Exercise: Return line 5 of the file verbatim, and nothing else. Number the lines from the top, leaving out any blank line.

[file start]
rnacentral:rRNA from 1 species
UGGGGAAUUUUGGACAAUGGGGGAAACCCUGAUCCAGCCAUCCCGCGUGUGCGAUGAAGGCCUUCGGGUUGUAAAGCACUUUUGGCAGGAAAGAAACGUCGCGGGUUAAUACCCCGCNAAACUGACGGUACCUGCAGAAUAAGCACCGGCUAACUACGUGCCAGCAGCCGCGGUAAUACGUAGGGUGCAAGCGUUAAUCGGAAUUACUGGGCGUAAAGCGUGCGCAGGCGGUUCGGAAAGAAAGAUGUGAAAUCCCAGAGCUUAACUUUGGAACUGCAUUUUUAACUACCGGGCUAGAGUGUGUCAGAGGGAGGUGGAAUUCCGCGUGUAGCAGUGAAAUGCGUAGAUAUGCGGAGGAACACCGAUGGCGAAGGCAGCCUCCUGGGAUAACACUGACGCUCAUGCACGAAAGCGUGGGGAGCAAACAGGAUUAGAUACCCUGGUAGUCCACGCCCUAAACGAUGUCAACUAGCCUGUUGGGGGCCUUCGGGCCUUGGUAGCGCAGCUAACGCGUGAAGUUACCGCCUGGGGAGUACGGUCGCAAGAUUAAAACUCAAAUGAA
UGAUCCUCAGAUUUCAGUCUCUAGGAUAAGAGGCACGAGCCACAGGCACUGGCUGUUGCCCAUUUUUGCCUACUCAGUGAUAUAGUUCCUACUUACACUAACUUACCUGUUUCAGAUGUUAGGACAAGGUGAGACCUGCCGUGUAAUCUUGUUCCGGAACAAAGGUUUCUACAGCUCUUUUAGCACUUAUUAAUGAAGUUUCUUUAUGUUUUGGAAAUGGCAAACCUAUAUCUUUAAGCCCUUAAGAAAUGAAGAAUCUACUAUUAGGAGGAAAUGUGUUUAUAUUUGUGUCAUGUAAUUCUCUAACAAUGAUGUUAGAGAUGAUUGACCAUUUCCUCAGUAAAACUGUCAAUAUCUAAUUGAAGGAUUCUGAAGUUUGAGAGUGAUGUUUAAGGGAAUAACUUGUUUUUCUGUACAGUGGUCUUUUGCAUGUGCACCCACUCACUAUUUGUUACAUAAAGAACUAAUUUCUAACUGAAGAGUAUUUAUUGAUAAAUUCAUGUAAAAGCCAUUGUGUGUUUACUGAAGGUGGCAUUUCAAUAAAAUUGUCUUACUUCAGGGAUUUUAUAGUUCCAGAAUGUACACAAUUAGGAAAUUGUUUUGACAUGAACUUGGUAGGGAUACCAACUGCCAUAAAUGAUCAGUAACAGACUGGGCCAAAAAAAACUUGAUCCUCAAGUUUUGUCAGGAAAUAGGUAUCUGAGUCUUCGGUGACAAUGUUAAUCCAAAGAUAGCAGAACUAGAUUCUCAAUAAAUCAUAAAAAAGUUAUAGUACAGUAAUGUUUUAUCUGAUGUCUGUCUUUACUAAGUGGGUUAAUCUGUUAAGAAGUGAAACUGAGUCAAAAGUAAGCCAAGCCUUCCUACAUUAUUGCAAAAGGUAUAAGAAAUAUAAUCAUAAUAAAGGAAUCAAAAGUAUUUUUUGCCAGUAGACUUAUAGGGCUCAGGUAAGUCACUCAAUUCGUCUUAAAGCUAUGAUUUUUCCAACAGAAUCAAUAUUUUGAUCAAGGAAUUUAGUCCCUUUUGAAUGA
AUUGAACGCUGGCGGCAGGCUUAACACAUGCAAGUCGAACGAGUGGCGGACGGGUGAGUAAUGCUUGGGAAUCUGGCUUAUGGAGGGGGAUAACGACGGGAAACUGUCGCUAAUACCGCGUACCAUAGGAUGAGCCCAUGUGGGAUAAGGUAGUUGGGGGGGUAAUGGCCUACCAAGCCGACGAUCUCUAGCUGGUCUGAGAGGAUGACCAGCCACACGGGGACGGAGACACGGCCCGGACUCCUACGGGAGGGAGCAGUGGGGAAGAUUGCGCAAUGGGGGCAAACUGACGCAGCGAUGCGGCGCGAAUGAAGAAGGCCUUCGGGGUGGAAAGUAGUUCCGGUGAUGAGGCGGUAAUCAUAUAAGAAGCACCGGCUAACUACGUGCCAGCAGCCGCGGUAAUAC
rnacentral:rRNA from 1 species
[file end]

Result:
rnacentral:rRNA from 1 species